Barring any last minute hitch, Ghana would in August, 2019, become a member of World Skills International.
World Skills International is the global hub of skills that raises the profile and recognition of skilled people through competition and show how important skills are in achieving economic growth.
If granted, Ghana, which is at the last lap of preparations for its membership status, would become the 81st nation of the global skills community.
At a meeting held in Accra, Wednesday, May 1, 2019, the President and Chair of the Board, World Skills, Simon Bartley, told Ghanaian skills experts that Ghana had only a step more to become a member of the group.
This step involves the selection of officials and Technical Delegates and their roles and responsibilities that will be expected of them at World Skills International General Assembly Meetings.
“Ghana will be the youngest member, joining as an Associate Member and will vote during the second round at the General Assembly Meeting in Kazan, Russia, in August, 2019,” Mr. Bartley told the skills experts from diverse backgrounds.
The Executive Director of the Council for Technical and Vocational Education and Training (COTVET), Dr Fred Kyei Asamoah, told journalists in an interview after their engagement with Mr. Bartely that the idea of Ghana becoming a member of World Skills International was to follow up on what President Akufo-Addo talked about as Ghana being the center of excellence for technical and vocational education and training.
“Our membership at the World Skills International will mean that we will be competing with all the youth in the world about the latest or current skills that is in the world so that we don’t just fall behind. The World Economic Forum talked about almost ten jobs that are going to be vanishing from the surface of the world.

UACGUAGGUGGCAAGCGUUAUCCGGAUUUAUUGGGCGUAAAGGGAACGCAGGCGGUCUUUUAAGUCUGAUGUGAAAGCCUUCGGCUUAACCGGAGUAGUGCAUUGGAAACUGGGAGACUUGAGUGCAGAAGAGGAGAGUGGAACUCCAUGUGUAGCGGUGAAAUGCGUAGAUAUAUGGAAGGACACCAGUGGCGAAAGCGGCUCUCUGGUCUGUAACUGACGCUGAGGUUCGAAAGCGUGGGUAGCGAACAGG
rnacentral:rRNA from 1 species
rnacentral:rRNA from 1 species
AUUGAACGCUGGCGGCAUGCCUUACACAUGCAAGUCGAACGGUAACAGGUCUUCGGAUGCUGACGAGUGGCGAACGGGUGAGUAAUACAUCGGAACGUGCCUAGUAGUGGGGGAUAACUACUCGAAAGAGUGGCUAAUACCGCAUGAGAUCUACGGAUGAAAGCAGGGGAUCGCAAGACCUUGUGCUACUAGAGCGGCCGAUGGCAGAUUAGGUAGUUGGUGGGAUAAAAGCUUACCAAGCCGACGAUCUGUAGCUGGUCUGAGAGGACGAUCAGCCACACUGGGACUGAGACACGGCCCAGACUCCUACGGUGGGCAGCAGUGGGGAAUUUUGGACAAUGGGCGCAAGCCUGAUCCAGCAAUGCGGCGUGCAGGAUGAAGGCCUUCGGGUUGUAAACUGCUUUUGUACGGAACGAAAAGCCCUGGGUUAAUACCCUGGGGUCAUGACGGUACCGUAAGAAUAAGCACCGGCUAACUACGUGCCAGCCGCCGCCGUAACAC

“So being a member of World Skills means that Ghana will be competing not only within Ghana or Africa but competitive on the job market as far as the world is concerned,” he noted.
According to him, all documentations coupled with the TVET transformation agenda; Cabinet approval for all TVET institutions to be re-aligned to one Ministry, ensuring standardisation in the country’s TVET sector, the facilities that the government is putting in to support the upgrade of all TVET institutions, and the establishment of new TVET centers of excellence have made it possible for Ghana to join the World Skills International as a member.
“We believe that our membership to the World Skills competition within the next ten years should be able to change the face of skills development in the country.
The Group CEO FC Beauty College, Grace Amey-Obeng, commenting on the move initiated by the country said their experiences at the zonal, national and international levels, especially, the competition in Kigali, Rwanda, where a student of FC Beauty College won Silver in Hairdressing and Beauty Therapy, gave the country a lot of hope and also confirms that “we are on the right track” to joining World Skills International.
She was confident that Ghana competing at World Skills International would help bring it up to global standard, stressing that “Ghana joining will change the face of TVET because hitherto, we assume that technical and vocational education is for school drop outs.
“But the kind of high standards that the World Skills International brings to bear on skills training and development, believe me, we can only add value to the skills that are required for industries to grow,” she stated.
BY JULIUS YAO PETETSI